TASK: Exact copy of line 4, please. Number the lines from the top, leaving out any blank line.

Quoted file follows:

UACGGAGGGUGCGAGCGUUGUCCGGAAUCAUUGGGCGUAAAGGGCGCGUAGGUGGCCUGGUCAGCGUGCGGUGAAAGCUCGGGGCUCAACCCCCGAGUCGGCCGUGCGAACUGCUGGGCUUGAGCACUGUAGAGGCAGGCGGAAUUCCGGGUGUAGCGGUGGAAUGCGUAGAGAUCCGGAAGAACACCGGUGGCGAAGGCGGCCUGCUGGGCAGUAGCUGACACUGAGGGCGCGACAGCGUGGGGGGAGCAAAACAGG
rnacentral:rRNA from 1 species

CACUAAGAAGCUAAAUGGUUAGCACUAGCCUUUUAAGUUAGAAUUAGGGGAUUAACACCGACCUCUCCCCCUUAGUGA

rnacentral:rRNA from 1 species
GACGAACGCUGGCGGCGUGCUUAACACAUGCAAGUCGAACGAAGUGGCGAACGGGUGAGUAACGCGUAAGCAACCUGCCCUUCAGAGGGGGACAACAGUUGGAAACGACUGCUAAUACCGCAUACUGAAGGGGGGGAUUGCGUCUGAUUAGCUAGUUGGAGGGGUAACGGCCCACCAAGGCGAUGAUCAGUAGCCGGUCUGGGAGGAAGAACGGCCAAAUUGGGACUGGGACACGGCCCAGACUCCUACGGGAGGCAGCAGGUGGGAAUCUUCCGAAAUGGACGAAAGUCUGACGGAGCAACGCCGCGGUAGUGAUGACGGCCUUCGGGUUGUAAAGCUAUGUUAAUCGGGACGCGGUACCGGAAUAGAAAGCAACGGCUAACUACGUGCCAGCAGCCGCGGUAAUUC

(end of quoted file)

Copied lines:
rnacentral:rRNA from 1 species